No, I’m not talking about a deed-restricted neighborhood here. ūüôā Over the next several weeks, I will be running a series on this blog about baptismal covenants, with an emphasis on the version used by The Episcopal Church. I hope this will not only be instructive, but will also give all of us some food for thought about how we live out our witness to Christ.

In TEC and other liturgical churches, infants and young children may be baptized. They have the opportunity to affirm the words of the baptismal covenant when they reach an age where they can choose to follow Christ and undergo confirmation.

Regardless of whether one is baptized at an age where they can make an affirmation of faith or whether that affirmation comes later, the covenant is the same. It includes not only an affirmation of the earliest Christian beliefs, but helps motivate us to live more Christlike lives.

Please share more about what type of covenant members of your church make in baptism.

September 25, 2014 Posted by | Baptismal Covenant Series | Leave a comment

It’s All About a Change of Heart

A cross in a heart, made from candles

A cross in a heart, made from candles

Parts of the passage that make up Acts 2:14-41 are among some of the most twisted passages in Scripture. This helps show why the scriptures need to be read in their complete context. Proof texting is not only bad for Christians intellectually, but can also be used to promote oppressive religious beliefs. Examples:

  • Peter’s speech addressed to the Jewish¬†people gathered in Jerusalem is often treated as a collective indictment against the entire Jewish people
  • The direction to repent and be baptized is often interpreted to mean that it must be done with the words “In Jesus Name” for the baptized to have any hope of salvation

The thing that’s easy to overlook is that it’s all about a change of heart, a message that many of the hearers no doubt needed to know about. Though the Bible doesn’t say this, it’s possible that many of those listening to Peter’s speech may have lauded Jesus as the Messiah on Palm Sunday, then called for his crucifixion on Good Friday. Far from an indictment against the Jewish people as a whole, it’s a call to repentance for those willing to receive Peter’s message.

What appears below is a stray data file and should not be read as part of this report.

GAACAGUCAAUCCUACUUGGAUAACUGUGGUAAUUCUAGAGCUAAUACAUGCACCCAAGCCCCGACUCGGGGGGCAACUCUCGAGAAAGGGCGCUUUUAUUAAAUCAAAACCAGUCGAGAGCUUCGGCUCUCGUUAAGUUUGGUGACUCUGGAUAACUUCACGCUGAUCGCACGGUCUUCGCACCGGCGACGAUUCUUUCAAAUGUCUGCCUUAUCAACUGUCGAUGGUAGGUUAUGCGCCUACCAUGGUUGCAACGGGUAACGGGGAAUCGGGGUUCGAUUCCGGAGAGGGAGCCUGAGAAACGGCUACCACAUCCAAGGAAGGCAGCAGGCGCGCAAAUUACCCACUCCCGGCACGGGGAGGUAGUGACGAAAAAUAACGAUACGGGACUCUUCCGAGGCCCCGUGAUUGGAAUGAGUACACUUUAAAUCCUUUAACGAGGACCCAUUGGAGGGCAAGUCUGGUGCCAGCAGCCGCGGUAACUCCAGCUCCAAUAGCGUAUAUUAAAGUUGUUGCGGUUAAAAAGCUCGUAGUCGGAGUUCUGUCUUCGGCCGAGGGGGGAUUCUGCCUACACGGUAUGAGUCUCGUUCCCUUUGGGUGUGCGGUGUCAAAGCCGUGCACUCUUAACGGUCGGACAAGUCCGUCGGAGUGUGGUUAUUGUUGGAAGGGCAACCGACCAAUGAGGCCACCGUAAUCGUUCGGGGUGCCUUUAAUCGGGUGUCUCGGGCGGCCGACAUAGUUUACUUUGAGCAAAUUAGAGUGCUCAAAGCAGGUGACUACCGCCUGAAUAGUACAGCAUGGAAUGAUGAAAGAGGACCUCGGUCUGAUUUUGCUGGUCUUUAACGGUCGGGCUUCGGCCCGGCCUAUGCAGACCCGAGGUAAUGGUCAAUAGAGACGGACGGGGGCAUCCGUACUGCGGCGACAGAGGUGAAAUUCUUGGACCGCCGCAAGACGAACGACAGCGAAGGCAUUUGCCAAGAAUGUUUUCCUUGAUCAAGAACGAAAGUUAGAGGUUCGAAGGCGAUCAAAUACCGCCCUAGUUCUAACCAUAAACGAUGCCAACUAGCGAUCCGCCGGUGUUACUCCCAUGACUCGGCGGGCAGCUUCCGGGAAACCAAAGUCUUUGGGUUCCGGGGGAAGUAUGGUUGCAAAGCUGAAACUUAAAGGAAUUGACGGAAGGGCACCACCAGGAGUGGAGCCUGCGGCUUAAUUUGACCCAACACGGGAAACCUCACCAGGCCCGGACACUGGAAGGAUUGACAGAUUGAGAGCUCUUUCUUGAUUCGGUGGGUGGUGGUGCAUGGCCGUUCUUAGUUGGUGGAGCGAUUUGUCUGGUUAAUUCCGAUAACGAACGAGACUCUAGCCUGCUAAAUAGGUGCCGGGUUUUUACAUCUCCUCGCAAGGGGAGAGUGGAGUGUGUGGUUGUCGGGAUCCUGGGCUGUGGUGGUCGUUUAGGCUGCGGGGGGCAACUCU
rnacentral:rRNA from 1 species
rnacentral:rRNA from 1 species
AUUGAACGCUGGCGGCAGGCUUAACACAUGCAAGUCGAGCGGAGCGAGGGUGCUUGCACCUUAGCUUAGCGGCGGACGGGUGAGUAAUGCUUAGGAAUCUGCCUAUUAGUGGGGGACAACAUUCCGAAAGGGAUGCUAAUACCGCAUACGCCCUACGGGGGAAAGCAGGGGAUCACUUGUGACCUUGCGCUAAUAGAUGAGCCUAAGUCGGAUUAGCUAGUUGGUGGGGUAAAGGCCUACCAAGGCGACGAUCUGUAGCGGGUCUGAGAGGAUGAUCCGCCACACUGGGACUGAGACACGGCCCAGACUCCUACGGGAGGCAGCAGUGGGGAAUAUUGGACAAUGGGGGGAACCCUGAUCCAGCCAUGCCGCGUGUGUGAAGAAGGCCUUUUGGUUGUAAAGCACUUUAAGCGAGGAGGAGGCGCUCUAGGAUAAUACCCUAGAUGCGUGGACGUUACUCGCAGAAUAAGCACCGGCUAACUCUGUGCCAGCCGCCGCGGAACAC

Rather than establishing a salvational baptismal formula, the message seems to be about repentance – turn from your sins, be baptized as a profession of your faith, and receive the Holy Spirit because of your repentance and acceptance of the Gospel. Leave it to us humans to complicate something that God has made simple. ūüôā ¬†Keep this in mind – every adult baptism in a liturgical church requires the baptized to express repentance for their sins. Don’t make the mistake of getting it backwards, otherwise you might miss the whole point.


May 8, 2014 Posted by | Liturgy/Worship | , , | Leave a comment

History of A Festival of Nine Lessons and Carols

Read more here

If you’ve never been to one of these services,¬†I recommended that you do so if you get the opportunity this Advent or Christmas season.

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December 16, 2013 Posted by | Liturgy/Worship | , , , | Leave a comment